Joe’s session was…fast. In keeping with my approach to blogging about these online sessions, I will just share a few things I learnt together with my comments on them. I recommend that you watch the full recording to find out more!
The first thing to say is that I am already familiar with some Google Apps. However, that that doesn’t mean I didn’t learn something from Joe’s session.
I’m guessing you all know what Google Docs is? Most people do, it’s been around a while. Basically it’s a web-based version of Word that enables multiple editors to make changes to a document simultaneously and comment on each others’ changes. This makes it perfect for collaboration. Students can work together to produce a piece of writing, teachers can comment on it, other students can comment on it and everybody can respond to everybody else’s comments on it. (If you want to know more/see it in action, watch Joe’s session!)
A simple yet excellent tip from Joe, that I will use when I next use Google docs with students:
- If you are having multiple students edit one document at once, insert a table so that the document is divided up into sections. This way, each student, pair or group can take one section and you eliminate the potential issue of students writing on top of each other!
I did a lot of collaborative writing using Google Docs during my two summers teaching on Sheffield University’s pre-sessional programme and this did not occur to me! The students did manage to sort it out themselves (by using enter to find a space further down the shared page to type on) but this would be a much quicker way to do it. Another potential option is to use Google presentations and then each student/group gets a separate slide. However, by using Google Docs in the way Joe suggests, the editable space is unlimited and the Document expands to absorb any extra room needed by the editors.
I didn’t know about these! Hopefully the link should take you to Chrome Store where you can download them for free, otherwise put the name in your Google search bar and it will give you the appropriate link! Once you have installed them, your browser bar will look like this:
After Diigo and Evernote (the “d” and the elephant respectively), you will see Tab Scissors, Tab Glue and Voice Notes.
- Tab Scissors: This splits a window containing multiple tabs into two equal screens side-by-side with the split occurring at the tab you are on when you click the scissors. It basically means you can quickly have a look at 2 screens at once, without needing to create multiple windows by extracting the tab you want to see and resizing both new and initial screens. Like the Word keyboard shortcuts I wrote about here, this is a nifty little time-saver!
- Tab Glue: This basically undoes what Tab Scissors does! So once you no longer need to see two windows at once, you click on the Tab Glue icon and it puts all your tabs back how they were to start with.
- Talk and comment: This enables you to make a voice note at any point when you are in a Chrome browser window. Once you have installed it (at which point you will see it in your tool bar as above), you will see a little microphone at the righthand edge of your browser window. Click on this and it pops up a little time counter with a red cross and a green tick beneath it, which is your recording. Speak and then once you have finished, click the green tick. It then generates a link which you can share with others. As far as Google docs is concerned, you can paste it into a comment and the student will see the link in the comment with “Voice note” in brackets after the link. So it’s a little bit like Jing except voice only!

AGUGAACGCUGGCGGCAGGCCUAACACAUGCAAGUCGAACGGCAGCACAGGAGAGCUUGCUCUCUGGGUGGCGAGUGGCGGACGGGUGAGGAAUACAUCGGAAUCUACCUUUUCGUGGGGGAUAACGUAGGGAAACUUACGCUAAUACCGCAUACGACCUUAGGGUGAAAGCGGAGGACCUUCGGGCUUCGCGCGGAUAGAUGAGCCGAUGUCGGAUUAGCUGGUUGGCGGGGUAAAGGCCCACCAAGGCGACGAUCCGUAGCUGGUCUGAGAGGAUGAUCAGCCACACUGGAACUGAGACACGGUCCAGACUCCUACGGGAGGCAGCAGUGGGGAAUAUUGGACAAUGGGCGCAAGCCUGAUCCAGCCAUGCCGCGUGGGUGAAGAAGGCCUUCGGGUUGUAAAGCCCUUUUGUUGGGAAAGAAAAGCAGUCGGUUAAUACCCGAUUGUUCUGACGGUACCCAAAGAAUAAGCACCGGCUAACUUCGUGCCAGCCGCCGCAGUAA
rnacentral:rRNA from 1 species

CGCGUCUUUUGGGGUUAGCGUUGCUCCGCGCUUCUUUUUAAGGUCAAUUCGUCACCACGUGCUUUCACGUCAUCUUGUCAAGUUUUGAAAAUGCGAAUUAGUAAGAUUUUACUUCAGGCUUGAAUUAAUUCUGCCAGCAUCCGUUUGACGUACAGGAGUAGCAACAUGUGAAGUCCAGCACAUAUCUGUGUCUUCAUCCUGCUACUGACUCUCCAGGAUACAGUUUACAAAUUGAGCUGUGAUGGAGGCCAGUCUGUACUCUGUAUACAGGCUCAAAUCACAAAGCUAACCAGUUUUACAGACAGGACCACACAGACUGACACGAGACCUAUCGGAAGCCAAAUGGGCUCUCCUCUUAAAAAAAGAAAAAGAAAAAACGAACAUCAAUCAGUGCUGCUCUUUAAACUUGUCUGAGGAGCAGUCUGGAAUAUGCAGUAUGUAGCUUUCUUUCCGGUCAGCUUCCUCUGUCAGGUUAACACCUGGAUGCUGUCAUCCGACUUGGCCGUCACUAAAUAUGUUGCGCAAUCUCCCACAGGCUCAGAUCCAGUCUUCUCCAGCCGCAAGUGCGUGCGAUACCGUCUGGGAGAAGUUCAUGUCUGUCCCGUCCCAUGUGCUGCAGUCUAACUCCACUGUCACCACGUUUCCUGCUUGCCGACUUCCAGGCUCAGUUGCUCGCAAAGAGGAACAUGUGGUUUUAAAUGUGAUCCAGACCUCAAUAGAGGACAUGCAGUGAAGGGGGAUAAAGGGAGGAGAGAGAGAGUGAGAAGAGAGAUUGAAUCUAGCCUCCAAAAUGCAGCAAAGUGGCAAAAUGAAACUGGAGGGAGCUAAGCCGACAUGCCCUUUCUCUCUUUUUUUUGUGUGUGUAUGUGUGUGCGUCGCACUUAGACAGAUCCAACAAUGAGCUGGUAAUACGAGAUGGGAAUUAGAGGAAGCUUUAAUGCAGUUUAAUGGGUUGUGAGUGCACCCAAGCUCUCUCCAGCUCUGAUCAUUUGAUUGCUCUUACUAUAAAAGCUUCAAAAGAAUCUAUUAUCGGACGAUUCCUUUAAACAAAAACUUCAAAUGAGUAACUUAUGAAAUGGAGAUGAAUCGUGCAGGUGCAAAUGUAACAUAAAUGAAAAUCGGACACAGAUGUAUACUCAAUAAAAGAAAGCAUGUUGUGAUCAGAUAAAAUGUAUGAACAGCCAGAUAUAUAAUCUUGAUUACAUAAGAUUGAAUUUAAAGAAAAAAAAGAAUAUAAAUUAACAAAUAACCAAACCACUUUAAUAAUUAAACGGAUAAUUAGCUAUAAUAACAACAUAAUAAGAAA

This is an app that enables you to make and edit voice recordings. (Much like Audacity, Wavepad or Garage, for those you familiar with any of those) If you google Soundation, and go to the first website that appears, you will see at the top of your browser window “Soundation Studio“, which you need to download and register to use. However, if you scroll down a little, you will see Soundation for Chrome. If you click on this link, then you can use Soundation within your browser window without registering or downloading anything.
In Soundation, you can create multiple audio channels, into which you can directly record yourself and/or others speaking:
You tell it which audio channel to use by clicking on the one you want it to use, thereby selecting it. If you use Tab Scissors to split your windows, you can look at Google Docs with your Voice Notes comments and Soundation at the same time. You can hit record in Soundation, then play on your Voice Note and Soundation will record your voice note:
In this way, you can create a single sound file that knits together a series of comments, making it into a dialogue. So, students could create a dialogue in Google docs using the Voice Notes app and then you could turn it into a complete file and share it, for example using Padlet. You would have to first export it to your desktop as a .wav file (which you can do without registering still – just File -> Export) and then upload it to the platform e.g. Padlet that you are using to share it.
Gotta love technology! This stuff all has tons of potential! I like how simple Soundation is to use. I didn’t manage to follow Joe’s explanation but a minute or two of clicking around and I had the hang of it. I also love the Scissors and Glue thing for viewing two tabs and then putting things back how you had them in the first place in a couple of easy clicks. Time-savers are always a win in my book! I do question, though, with the Talk and Comment, just as with Jing, exactly where all these files that you get links to end up?! You know, you get the link to them so the link links to somewhere out there in the big interweb world, but where? And can I ever delete them? Answers on a postcard! Anyway, again, I recommend watching the recording – it’s literally 24 minutes long. And you get a lot for your minutes!!